Standard Test Method for Particle Size Distribution of Catalytic Material by Laser Light Scattering
It is important to recognize that the results obtained by this test method or any other method for particle size determination utilizing different physical principles may disagree. The results are strongly influenced by physical principles employed by each method of particle size analysis. The results of any particle sizing method should be used only in a relative sense and should not be regarded as absolute when comparing results obtained by other methods.
Light scattering theories (Fraunhofer Diffraction3 and Mie Scattering4 ) that are used for determination of particle size has been available for many years. Several manufacturers of testing equipment now have units based on these principles. Although each type of testing equipment utilizes the same basic principles for light scattering as a function of particle size, different assumptions pertinent to application of the theory and different models for converting light measurements to particle size, may lead to different results for each instrument. Furthermore, any particles which are outside the size measurement range of the instrument will be ignored, causing an increase in the reported percentages within the detectable range. A particle size distribution which ends abruptly at the detection limit of the instrument may indicate that particles outside the range are present. Therefore, use of this test method cannot guarantee directly comparable results from different types of instruments.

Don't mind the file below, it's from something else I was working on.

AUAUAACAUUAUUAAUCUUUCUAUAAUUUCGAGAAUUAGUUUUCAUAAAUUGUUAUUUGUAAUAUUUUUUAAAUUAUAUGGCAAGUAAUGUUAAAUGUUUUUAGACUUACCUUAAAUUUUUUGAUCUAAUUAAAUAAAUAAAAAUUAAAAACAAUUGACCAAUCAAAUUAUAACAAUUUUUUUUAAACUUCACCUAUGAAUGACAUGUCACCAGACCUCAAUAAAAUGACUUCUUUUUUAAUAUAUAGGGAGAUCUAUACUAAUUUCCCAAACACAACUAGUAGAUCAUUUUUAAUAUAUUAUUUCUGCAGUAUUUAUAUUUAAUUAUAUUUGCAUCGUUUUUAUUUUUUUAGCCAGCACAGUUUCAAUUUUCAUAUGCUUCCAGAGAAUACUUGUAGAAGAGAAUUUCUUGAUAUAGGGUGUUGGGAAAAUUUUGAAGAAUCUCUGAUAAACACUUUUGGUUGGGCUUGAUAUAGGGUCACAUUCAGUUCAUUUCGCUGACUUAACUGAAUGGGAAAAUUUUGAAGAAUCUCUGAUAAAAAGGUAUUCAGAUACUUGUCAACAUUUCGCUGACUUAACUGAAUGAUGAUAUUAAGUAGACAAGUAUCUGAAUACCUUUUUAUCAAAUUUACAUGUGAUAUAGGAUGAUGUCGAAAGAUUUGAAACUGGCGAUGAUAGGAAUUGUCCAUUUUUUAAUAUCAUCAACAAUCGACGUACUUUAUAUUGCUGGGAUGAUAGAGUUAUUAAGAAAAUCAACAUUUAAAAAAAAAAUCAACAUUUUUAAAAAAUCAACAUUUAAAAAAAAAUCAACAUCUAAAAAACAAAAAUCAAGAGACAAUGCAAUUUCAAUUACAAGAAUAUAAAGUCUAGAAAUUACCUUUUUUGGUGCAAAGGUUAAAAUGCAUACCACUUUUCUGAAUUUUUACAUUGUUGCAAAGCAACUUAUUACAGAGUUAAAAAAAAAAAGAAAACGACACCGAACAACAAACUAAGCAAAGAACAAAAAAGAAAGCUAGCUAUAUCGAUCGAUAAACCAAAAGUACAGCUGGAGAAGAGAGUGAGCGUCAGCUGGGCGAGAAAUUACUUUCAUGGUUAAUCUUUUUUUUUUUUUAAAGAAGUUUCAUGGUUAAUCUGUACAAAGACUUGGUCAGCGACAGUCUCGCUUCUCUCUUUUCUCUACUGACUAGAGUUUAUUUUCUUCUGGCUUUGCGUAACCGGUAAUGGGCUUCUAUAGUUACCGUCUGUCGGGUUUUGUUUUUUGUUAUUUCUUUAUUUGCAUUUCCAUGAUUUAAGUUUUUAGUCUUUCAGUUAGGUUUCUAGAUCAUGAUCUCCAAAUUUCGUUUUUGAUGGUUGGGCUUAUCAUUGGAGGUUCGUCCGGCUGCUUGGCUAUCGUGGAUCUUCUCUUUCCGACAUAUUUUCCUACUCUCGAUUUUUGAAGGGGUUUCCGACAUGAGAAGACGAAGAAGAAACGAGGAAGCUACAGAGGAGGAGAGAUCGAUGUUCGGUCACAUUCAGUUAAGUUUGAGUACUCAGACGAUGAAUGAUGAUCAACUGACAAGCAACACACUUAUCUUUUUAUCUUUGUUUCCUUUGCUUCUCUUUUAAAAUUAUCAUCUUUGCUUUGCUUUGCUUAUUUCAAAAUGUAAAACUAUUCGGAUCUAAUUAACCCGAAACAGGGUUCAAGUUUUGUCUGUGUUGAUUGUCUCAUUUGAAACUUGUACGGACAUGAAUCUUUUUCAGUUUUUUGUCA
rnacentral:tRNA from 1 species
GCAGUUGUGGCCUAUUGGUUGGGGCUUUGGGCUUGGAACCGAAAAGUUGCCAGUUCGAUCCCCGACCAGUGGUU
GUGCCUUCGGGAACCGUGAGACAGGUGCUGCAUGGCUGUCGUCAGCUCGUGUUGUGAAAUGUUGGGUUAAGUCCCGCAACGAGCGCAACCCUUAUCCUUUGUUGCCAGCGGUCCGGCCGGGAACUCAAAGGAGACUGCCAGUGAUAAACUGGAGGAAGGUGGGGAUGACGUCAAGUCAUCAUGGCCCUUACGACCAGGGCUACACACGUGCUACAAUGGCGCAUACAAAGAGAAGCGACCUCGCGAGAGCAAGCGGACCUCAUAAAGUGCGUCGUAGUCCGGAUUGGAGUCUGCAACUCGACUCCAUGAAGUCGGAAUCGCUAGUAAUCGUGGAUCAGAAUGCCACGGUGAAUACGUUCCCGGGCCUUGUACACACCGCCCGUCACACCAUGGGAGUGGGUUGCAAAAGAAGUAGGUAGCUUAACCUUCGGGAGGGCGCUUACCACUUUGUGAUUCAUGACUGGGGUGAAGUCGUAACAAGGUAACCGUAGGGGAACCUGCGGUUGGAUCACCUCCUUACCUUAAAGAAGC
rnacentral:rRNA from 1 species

This test method can be used to determine particle size distributions of catalysts and supports for materials specifications, manufacturing control, and research and development work.
1.1 This test method covers the determination of the particle size distribution of catalyst and catalyst carrier particles and is one of several found valuable for the measurement of particle size. The range of particle sizes investigated was 30 to 300 μm equivalent spherical diameter. The technique is capable of measuring particles above and below this range. The angle and intensity of laser light scattered by the particles are selectively measured to permit calculation of a volume distribution using light-scattering techniques.
1.2 This standard does not purport to address all of the safety concerns, if any, associated with its use. It is the responsibility of the user of this standard to establish appropriate safety and health practices and determine the applicability of regulatory limitations prior to use.
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